Ani Pachen

Ani Pachen (Photo: Tenzin Dhongthog)

Ani Pachen, a prominent female resistance leader from eastern Tibet, passed away in Dharamsala on February 2, 2002 evening. She was 68.

Born in 1933 in Gonjo in Kham, eastern Tibet to Pomdha Gonor, the chieftain of Lemdha. Her father was a resistance leader who confronted the Chinese invading forces. After her father’s death, Pachen took over the leadership of people in her region in their fight against the Chinese. Her biography, Sorrow Mountain: the Journey of a Tibetan Warrior Nun, details Pachen’s story, including her over 20 years of life in prison.

In his message to Pachen’s autobiography, the Dalai Lama says, “In recounting the events of her life here, Ani Pachen tells a story that is typical of Tibet over the last fifty yers. The final years of freedom reveal a simple, contented way of life. Her family, like so many others, was guided by values strongly influenced by the Buddha’s teachings of compassion, interdependence, and an awareness that nothing lasts forever. Ani Pachen’s father, a Khampa chieftain, clearly commanded respect more for his sense of justice and responsibility than for his mere position.”

The Dalai Lama had a particular admiration for Pachen, as he pointed out to Tibetan officials during his tour to the United States some years back when he saw Pachen among the audience. Pachen had then come to promote her book. The Dalai Lama said Pachen was someone who was sincere and honest.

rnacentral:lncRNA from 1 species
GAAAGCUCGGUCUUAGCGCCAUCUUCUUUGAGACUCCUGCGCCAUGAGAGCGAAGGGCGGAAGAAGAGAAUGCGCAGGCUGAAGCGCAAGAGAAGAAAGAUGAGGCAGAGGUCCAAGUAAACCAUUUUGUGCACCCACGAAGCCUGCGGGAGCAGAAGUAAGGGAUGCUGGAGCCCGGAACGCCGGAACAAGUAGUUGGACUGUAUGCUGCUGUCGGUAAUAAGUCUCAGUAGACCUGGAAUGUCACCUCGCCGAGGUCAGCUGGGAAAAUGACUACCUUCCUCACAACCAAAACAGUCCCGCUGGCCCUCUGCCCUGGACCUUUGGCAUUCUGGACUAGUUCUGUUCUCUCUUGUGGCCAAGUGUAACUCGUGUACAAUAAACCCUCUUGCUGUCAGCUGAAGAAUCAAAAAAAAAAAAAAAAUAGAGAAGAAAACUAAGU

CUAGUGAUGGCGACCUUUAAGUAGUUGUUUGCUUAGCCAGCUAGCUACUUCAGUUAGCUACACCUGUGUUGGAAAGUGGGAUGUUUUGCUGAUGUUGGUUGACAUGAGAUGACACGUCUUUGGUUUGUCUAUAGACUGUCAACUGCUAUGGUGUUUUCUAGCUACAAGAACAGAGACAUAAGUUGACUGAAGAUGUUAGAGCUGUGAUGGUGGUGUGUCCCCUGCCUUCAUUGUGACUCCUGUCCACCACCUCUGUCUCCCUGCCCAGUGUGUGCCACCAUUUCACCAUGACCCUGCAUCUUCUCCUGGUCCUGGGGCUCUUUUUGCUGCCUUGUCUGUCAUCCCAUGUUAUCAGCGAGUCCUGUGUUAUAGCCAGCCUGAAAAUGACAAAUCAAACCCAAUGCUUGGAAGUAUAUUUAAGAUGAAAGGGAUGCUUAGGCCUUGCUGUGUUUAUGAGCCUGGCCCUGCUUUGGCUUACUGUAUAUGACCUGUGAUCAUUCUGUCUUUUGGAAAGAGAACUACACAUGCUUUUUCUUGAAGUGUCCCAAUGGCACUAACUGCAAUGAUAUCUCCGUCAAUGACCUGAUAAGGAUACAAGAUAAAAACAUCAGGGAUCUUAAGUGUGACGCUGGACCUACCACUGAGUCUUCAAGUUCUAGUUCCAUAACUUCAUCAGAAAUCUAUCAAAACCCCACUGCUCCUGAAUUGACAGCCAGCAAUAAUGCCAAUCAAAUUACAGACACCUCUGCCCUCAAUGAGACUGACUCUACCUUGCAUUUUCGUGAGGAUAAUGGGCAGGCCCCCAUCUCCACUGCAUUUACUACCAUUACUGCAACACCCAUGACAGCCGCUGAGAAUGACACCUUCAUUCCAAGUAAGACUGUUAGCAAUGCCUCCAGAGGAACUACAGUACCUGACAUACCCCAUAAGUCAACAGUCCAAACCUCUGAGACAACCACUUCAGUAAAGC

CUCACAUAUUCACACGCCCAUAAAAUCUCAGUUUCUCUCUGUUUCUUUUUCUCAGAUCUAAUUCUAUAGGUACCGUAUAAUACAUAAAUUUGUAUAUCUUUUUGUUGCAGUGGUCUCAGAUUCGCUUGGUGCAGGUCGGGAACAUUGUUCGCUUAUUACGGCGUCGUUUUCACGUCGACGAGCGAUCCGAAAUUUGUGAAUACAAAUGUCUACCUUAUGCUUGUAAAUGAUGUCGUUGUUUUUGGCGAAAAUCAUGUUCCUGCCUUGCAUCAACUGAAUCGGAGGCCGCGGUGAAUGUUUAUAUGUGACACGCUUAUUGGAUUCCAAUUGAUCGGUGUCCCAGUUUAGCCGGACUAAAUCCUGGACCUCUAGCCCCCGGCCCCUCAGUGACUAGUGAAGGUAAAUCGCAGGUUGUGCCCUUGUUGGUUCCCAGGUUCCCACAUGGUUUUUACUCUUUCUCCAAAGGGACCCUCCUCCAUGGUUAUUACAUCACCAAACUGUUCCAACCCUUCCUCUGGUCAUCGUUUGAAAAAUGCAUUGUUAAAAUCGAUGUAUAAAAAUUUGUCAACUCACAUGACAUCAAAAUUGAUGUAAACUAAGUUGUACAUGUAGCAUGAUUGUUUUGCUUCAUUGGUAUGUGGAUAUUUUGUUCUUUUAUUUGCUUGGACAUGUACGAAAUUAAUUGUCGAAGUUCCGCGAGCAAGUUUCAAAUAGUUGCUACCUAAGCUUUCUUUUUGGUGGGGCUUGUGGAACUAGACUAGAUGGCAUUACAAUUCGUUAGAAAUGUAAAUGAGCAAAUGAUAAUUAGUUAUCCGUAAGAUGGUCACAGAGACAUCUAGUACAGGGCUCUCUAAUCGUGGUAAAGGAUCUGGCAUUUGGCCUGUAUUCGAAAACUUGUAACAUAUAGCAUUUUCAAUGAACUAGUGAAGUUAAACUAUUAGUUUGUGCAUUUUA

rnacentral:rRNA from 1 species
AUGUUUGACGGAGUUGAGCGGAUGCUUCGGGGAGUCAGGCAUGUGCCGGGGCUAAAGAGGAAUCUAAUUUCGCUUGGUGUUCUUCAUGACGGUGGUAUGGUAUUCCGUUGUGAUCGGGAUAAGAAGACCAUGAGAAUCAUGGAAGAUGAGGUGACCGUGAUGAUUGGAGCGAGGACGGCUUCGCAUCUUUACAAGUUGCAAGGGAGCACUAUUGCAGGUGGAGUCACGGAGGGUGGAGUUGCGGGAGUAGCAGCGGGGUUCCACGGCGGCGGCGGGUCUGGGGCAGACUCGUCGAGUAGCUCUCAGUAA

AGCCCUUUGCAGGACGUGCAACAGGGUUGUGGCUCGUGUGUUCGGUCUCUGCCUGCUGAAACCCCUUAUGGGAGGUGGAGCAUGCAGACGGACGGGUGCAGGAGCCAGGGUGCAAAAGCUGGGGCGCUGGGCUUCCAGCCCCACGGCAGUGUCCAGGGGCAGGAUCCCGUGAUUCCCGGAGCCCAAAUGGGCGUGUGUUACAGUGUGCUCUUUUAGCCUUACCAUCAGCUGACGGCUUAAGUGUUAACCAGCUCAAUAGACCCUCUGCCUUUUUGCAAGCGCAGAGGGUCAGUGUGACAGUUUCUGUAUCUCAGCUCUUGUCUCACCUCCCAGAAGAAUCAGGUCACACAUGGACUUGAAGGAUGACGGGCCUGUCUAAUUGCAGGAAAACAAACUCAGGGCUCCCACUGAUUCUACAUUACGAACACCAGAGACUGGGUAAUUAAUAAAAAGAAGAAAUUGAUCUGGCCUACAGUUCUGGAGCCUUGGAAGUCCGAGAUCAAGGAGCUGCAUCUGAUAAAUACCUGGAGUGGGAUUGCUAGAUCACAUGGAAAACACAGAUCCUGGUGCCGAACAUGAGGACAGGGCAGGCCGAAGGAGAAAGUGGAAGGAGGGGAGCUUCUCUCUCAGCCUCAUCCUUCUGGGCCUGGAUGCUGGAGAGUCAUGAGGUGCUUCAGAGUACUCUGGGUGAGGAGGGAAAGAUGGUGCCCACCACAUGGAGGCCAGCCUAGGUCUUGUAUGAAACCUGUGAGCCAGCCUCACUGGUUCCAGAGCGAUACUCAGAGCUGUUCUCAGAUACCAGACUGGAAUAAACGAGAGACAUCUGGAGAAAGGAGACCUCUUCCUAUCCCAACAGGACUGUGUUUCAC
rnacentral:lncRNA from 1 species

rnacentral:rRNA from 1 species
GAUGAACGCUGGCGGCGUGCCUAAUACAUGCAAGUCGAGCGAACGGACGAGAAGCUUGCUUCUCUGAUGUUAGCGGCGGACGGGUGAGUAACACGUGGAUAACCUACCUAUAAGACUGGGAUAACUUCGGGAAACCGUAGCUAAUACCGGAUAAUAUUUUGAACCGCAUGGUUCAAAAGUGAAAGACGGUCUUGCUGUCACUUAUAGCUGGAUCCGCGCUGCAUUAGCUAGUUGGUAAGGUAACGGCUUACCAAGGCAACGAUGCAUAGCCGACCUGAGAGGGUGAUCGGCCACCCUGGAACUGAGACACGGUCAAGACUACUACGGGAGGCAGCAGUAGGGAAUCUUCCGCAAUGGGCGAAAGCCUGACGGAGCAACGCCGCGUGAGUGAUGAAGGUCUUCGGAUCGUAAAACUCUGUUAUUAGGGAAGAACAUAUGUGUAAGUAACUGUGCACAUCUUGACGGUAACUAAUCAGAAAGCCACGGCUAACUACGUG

After escaping to India, Ani Pachen continued to be involved in Tibetan issues, becoming an active member of Gu-Chu-Sum, the organization started by former Tibetan political prisoners. She toured interntionally, including a visit to Washington, D.C., in the course of which she gave public talks, met members of parliament and spread awareness of Tibet to whoever would listen to her.

In a press release about Pachen’s death, Gu-Chu-Sum recounted her contribution, “Ani Pachen was an active participant in all the three major protest demonstrations organized by the monks of Drepung, Sera and Gaden in Lhasa on the 27th September 1987, 1st October 1987 and March 5th 1988 respectively. In order to avoid re-arrest by the Chinese, she escaped into exile in 1989,” Gu-Chu-Sum said.

Gu-Chu-Sum said Pachen had just returned to Dharamsala from Bodh Gaya where she had gone to attend the scheduled teachings of the Dalai Lama.